Just ahead of tonight's "Tucker" appearance, welcome to the latest in our series of audio adventures, Tales for Our Time, and Part Three of my serialization of The Power-House by John Buchan. We're always happy to hear from Mark Steyn Club members who enjoy our thrilling radio serials, and this pre-war yarn from the twilight of Edwardian London seems to be proving popular. John Wilson, a First Week Founding Member from Colorado, cheers:
Thank you for bringing us more Buchan!
Also,I love the choice of Holst, The Planets: Mars as theme music. So many great themes in The Planets. I keep expecting to hear Jupiter appear in one of your tales. One of the greatest pieces by an English composer, IMHO.
Indeed, John. Usually I leave it a little bit longer to identify our theme music, but this one is too well known. John Buchan wrote The Power-House for Blackwood's Magazine in 1913 and published it in hardcover in 1916. Between those two dates Gustav Holst was likewise busy writing his Planets suite. Buchan, at the time of publication of The Power-House, would never have heard The Planets, because it was not premiered until 1918. But it is hard to hear the low rumbling of Mars: The Bringer of War without thinking that Holst had the same things on his mind circa 1914 as Buchan did.
Incidentally, if you like Gustav Holst, don't miss Carol Welsman's beautiful interpretation of one of his best-known tunes, "In the Bleak Midwinter", on our most recent Mark Steyn Christmas Show. Christmas has come and gone, but the bleak midwinter is still with us (at least in my neck of the woods) and Carol's lovely arrangement will get you through the worst of it.
In tonight's episode of The Power-House, our protagonist has a motoring accident and meets a strange benefactor:
It was a library, the most attractive I think I have ever seen. The room was long, as libraries should be, and entirely lined with books, save over the fireplace, where hung a fine picture, which I took to be a Raeburn. The books were in glass cases, which showed the beautiful shallow mouldings of a more artistic age. A table was laid for dinner in a corner, for the room was immense, and the shaded candlesticks on it, along with the late June dusk, gave such light as there was. At first I thought the place was empty, but as I crossed the floor a figure rose from a deep chair by the hearth.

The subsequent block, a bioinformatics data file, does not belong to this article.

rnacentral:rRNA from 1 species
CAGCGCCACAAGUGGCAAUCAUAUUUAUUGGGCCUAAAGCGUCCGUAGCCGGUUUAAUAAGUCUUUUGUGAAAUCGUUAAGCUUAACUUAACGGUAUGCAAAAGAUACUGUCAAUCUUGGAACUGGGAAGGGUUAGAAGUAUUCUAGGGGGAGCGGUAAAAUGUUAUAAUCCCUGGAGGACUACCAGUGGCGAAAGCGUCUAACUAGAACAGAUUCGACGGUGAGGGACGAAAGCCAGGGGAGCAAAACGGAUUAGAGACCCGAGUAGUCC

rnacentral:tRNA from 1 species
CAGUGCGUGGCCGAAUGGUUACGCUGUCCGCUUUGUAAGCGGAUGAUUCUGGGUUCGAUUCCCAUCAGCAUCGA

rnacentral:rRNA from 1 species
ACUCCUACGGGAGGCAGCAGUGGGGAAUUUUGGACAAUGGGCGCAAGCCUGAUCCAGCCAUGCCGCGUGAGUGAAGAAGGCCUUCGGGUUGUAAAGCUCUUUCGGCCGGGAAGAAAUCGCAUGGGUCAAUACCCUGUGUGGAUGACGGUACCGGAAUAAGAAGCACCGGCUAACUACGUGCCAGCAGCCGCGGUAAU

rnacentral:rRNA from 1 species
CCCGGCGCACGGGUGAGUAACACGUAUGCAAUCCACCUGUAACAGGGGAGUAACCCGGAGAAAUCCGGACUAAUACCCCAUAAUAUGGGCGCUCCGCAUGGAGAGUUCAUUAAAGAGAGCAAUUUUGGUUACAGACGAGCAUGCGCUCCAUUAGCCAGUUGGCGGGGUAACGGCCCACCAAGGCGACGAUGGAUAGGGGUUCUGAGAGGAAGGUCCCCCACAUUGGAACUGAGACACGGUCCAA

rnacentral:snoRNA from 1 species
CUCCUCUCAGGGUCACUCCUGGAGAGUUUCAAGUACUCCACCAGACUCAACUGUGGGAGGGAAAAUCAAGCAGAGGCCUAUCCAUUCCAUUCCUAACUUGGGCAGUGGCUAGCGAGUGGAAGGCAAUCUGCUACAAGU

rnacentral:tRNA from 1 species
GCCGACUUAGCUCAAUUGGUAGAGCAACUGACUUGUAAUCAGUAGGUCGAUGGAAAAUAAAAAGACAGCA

"Good evening, Mr. Leithen," a voice said. "It is a kindly mischance which gives a lonely old man the pleasure of your company."
Members of The Mark Steyn Club can hear Part Three of our adventure simply by clicking here and logging-in. Parts One and Two can be found here.
I take it the "fine picture" by Raeburn is a reference to Sir Henry of that ilk, portrait painter to George IV in Scotland. So I've taken the liberty of reproducing one of my own favorite Raeburns above, although whether it approximates to the one hanging in the library of Edward Leithen's benefactor I cannot say. Nevertheless, like the Reverend Mr Walker, Mr Leithen, as he is beginning to discern, is skating on very thin ice.
If you have friends who might appreciate The Power-House and our other Tales for Our Time, we have a special Steyn Club Gift Membership that lets them in on that and all the other fun in The Mark Steyn Club.
If you've only joined the Steyn Club in recent days and missed our earlier serials (Conan Doyle's The Tragedy of the Korosko, Joseph Conrad's The Secret Agent, Baroness Orczy's The Scarlet Pimpernel, Anthony Hope's The Prisoner of Zenda, plus Kipling, Kafka, Dickens, Gogol, Louisa May Alcott, Jack London, H G Wells, Scott Fitzgerald and more), you can find them all on our easy-to-access Netflix-style Tales for Our Time home page. Indeed, it's so easy to access that we've just introduced a similar format for The Mark Steyn Show, where you can enjoy my in-depth interviews with Lionel Shriver, Jordan Peterson, Amity Shlaes and many more.
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